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Freelancing, Failure, Follow-up, Risk, Reframing and the Passionate Life: Gregg Levoy Intvw Transcript Part 2

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GL: Oh, absolutely, yeah no, they won't allow you to do it by yourself if you've never done it before. So yes, there's somebody, but nonetheless you are flying through space and you look between your legs and there's nothing between you and the ground. You know, you're not in an airplane, it's just the sense of vulnerability is huge. So, but yes, that's a protective frame exactly.

Rob: So, a little bit more about writing; I want to keep going with the writing, let's talk about rejection in writing.

GL: Rejection.

Rob: Yes.

GL: Well, you know, the notion of rejection in writing, I mean let me broaden it just a little bit because all that represents is some of the stuff that can hit the fan as you move toward any passion or any call. Alright? In this case as a writer, the call is writing, part of the fear is the fear of rejection and failure, but you know maybe the broader discussion is what are you going to come up against in pursuing any passion in living more passionately when you've been keeping a lid on your exuberances; maybe your whole life or maybe in certain arenas your whole life. What are you likely to trigger by moving toward it instead of staying safe? Backing away or staying in the neutral zone around it.

Rob: The refusal of the call again.

GL: Yeah, exactly. And so rejection just represents one of the things that can hit the fan when you begin to move forward, and this is one of the reasons why I recommend that people try out new passions in small steps. You know? Rather than great big flying leaps because it's much more manageable; you're much less likely to short yourself out; you're more likely to be able to develop skills for dealing with whatever comes up as you move toward. So I'm just a big believer in start small and manageable.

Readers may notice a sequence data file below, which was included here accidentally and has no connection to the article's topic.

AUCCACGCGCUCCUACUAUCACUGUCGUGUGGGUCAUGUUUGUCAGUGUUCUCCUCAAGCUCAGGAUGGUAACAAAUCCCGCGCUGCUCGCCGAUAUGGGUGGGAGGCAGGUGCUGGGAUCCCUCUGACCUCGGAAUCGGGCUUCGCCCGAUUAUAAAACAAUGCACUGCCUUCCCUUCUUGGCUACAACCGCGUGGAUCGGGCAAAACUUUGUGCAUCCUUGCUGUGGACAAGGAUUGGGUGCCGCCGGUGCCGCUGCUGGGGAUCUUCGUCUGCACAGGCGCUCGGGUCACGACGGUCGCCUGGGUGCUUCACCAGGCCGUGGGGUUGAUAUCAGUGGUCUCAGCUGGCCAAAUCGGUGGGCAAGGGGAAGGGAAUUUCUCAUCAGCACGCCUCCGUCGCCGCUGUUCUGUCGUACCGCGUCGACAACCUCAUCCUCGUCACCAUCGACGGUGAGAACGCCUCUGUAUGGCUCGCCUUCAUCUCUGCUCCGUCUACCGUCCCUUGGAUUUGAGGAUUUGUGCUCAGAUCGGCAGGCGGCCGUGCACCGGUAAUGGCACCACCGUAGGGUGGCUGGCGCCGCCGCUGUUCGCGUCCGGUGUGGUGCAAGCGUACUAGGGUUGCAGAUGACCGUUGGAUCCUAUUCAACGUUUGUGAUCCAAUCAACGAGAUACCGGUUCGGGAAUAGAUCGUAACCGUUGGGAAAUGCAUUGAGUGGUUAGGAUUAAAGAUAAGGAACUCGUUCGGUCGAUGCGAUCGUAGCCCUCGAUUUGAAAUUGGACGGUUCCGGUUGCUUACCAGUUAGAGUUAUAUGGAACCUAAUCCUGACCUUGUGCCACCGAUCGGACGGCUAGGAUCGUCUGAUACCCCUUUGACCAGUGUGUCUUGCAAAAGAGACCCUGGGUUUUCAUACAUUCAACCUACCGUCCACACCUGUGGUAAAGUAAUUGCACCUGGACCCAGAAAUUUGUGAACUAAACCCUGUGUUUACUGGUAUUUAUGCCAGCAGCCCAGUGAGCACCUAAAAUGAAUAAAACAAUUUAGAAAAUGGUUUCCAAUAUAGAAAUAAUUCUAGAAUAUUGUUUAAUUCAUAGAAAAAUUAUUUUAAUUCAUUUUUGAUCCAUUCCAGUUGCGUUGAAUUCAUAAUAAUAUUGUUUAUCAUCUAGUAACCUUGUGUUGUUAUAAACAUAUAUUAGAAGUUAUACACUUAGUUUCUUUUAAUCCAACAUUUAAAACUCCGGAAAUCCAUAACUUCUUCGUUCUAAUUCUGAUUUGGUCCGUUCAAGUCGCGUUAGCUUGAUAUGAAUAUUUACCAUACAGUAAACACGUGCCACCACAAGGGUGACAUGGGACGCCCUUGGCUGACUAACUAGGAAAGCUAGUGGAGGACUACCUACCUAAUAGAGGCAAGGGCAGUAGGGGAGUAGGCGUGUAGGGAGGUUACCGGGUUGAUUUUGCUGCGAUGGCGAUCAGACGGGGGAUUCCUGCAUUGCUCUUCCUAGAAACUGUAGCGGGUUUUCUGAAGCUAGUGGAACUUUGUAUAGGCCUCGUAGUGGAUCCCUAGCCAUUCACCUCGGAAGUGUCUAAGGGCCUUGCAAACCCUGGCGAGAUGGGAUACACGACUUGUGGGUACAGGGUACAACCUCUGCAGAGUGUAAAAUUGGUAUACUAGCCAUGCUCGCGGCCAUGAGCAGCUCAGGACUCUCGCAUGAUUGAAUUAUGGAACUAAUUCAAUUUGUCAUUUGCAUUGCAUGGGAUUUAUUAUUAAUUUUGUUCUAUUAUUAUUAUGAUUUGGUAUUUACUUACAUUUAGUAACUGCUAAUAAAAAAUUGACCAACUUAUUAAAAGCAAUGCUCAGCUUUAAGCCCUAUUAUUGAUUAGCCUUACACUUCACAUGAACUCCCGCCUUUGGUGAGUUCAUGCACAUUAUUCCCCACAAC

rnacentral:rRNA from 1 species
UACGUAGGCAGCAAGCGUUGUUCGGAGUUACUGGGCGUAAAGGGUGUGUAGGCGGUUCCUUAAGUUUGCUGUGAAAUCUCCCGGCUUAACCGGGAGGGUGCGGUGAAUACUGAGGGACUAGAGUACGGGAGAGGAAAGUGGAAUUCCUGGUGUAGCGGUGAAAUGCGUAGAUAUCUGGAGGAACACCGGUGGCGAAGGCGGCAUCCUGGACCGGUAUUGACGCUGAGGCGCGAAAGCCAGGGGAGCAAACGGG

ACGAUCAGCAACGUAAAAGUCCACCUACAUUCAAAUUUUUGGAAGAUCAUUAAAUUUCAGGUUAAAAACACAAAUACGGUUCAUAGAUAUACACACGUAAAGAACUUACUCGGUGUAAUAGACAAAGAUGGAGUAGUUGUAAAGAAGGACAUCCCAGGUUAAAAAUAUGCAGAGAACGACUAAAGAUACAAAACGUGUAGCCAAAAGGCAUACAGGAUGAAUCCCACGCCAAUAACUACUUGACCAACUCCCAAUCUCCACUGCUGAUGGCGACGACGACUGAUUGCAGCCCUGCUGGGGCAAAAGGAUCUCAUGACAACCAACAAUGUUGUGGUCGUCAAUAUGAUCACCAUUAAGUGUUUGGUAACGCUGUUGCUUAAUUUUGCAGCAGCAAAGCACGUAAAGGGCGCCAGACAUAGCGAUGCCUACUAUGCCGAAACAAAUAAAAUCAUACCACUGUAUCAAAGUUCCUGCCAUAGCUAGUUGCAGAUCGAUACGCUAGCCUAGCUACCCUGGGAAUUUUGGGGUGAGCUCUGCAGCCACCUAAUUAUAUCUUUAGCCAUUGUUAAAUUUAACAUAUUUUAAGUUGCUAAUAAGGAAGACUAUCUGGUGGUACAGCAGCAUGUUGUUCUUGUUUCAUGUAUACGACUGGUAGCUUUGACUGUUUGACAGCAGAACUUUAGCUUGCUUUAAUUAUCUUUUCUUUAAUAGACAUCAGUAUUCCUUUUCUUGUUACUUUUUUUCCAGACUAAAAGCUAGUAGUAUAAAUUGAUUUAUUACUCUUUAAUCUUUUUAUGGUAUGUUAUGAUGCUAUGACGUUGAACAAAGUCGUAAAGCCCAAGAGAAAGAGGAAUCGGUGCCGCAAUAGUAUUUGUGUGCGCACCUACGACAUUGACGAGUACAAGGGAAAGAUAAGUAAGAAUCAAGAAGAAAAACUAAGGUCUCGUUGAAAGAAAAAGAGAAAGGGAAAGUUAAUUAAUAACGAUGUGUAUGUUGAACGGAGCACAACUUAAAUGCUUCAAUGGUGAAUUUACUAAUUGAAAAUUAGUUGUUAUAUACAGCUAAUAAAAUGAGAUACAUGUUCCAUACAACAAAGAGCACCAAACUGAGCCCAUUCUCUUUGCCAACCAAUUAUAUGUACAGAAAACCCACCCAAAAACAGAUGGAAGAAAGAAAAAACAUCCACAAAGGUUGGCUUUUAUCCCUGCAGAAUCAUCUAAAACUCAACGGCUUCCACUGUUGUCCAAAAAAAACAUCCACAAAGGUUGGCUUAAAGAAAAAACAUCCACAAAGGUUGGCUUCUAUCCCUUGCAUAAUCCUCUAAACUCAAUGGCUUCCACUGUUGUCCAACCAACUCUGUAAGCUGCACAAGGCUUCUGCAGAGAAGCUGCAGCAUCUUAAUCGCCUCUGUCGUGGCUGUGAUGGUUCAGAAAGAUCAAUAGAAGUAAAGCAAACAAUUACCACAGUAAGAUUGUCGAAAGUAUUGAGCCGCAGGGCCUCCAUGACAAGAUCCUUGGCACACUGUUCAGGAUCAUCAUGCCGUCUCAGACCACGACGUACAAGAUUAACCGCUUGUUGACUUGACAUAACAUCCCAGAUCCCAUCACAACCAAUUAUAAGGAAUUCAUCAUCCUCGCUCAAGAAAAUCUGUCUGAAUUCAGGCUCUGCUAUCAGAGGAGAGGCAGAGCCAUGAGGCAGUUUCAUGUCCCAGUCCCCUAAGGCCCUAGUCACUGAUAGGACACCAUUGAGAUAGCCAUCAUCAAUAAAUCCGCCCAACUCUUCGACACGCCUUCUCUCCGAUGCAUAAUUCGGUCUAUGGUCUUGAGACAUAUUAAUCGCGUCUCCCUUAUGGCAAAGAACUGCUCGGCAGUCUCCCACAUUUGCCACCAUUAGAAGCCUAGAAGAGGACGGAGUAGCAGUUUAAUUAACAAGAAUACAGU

Rob: Can you give an example?

GL: Oh, if your passion is to be a public speaker, alright, and that apparently according to studies, the peoples' number one fear is the fear of public speaking. It's not actually dying, which most people think; although I had a public speaking teacher of mine once say that you know, people think that the biggest fear is dying, studies have shown that it's public speaking. So that's the number one fear, the number two fear is dying while public speaking. But if your passion is to be a public speaker, I would say start small by pacing around your room and practicing a little part of a speech or take your jokes out to open mic night or practice with a friend or pull together a personal board of advisors to help counsel you and practice with. You know, so small steps that allow you or just go in your living room, set up a camera and tape yourself speaking publicly, you know? And look at the feedback that the tape gives you. So just little ways of trying it out that don't short your circuits.

Rob: Makes sense, I just wrote article, I don't even remember what the article was about, but I talked about how I quit smoking. I smoked cigarettes from my freshman year in college until the time I was twenty-five. And the way I quit was identifying the different parts of the habit of smoking; smoking while on the phone, smoking driving to work, smoking after a meal, and I figured out which ones would be harder to quit. And I quit the easy ones first.

GL: Of course.

Rob: So it's kind of like doing that in reverse.

GL: Of course, this is why I suggested to the people last night in the workshop that if you're going to share the material that came up for you during this vital signs workshop, that you start with the easy customers and work your way up to the tougher ones, not the other way around because that's a good way of self-sabotaging yourself, you know? Start with the people who are most likely to respond positively and affirmatively and supportive rather than the ones who are going to ask you those devil's advocate questions that tend to be a bit heavy on the devil and a little light on the advocate. You know? The ones who are going to look for the problems and the obstacles and say I don't know, have you thought about this and that? Or what makes you think you can do that? Or you know - and there are people in our lives, even people that we consider loved-ones who are in some ways our worst enemies. That's why I suggest to people start with people who are most likely to succeed.

Rob: Getting back to the Hero's Journey, when you accept the call to adventure, you cross the threshold.

GL: Right.

Rob: And when you attempt to cross the threshold, there are threshold guardians.

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